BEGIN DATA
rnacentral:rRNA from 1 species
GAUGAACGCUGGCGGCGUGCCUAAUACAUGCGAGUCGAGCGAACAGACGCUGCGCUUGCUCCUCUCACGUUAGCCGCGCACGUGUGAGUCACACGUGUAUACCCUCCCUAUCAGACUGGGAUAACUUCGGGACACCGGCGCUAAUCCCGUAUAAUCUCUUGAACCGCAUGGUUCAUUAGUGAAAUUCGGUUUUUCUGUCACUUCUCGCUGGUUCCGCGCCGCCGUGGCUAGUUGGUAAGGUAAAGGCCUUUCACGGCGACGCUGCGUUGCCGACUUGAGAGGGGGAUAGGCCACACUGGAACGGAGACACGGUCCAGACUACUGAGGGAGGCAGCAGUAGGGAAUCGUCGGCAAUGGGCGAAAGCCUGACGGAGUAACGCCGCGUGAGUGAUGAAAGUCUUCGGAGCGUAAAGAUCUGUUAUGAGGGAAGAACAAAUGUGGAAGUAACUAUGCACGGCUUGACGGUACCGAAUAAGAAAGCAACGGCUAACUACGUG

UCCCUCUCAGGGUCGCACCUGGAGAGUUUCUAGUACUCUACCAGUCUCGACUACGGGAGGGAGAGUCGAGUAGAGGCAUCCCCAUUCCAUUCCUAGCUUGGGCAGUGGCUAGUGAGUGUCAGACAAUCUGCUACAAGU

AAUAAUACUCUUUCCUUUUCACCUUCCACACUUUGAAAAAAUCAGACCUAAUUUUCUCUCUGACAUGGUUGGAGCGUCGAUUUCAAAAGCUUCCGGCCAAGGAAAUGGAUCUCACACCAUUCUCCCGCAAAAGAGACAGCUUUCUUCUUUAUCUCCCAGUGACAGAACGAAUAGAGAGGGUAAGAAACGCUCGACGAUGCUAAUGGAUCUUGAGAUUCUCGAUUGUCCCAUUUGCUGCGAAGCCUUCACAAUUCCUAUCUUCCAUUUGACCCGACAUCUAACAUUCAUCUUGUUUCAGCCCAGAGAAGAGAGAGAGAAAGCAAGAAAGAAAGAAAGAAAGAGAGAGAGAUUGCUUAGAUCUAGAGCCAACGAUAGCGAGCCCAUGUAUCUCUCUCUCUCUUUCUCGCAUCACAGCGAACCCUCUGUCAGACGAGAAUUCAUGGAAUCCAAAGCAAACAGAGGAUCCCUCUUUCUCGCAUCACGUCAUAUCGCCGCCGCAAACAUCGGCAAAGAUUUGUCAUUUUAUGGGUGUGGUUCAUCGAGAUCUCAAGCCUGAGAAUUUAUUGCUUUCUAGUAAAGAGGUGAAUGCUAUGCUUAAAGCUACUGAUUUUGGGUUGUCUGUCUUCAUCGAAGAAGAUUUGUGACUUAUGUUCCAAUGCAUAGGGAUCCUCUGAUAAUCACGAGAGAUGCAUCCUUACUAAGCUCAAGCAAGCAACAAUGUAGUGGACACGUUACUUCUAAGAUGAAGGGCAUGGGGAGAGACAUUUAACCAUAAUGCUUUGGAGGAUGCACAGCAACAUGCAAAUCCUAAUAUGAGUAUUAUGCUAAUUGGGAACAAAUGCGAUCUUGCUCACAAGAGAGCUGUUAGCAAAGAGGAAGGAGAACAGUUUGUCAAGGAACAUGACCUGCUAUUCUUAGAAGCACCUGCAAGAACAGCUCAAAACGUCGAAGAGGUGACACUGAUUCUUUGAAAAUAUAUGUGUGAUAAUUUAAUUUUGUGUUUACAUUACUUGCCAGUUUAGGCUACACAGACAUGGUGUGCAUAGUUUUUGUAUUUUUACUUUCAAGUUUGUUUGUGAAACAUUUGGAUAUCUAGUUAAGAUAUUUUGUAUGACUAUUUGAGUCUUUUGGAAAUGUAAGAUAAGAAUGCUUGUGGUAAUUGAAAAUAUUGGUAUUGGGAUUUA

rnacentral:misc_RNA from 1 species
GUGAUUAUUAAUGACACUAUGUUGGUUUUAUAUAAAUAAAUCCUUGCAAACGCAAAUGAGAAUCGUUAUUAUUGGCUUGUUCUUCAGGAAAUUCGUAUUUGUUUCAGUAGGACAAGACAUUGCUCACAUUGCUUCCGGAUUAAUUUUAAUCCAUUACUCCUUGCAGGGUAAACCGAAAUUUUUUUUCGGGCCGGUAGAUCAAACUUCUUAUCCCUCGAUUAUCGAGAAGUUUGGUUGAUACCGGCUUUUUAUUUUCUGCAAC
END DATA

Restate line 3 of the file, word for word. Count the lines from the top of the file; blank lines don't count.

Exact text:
UCCCUCUCAGGGUCGCACCUGGAGAGUUUCUAGUACUCUACCAGUCUCGACUACGGGAGGGAGAGUCGAGUAGAGGCAUCCCCAUUCCAUUCCUAGCUUGGGCAGUGGCUAGUGAGUGUCAGACAAUCUGCUACAAGU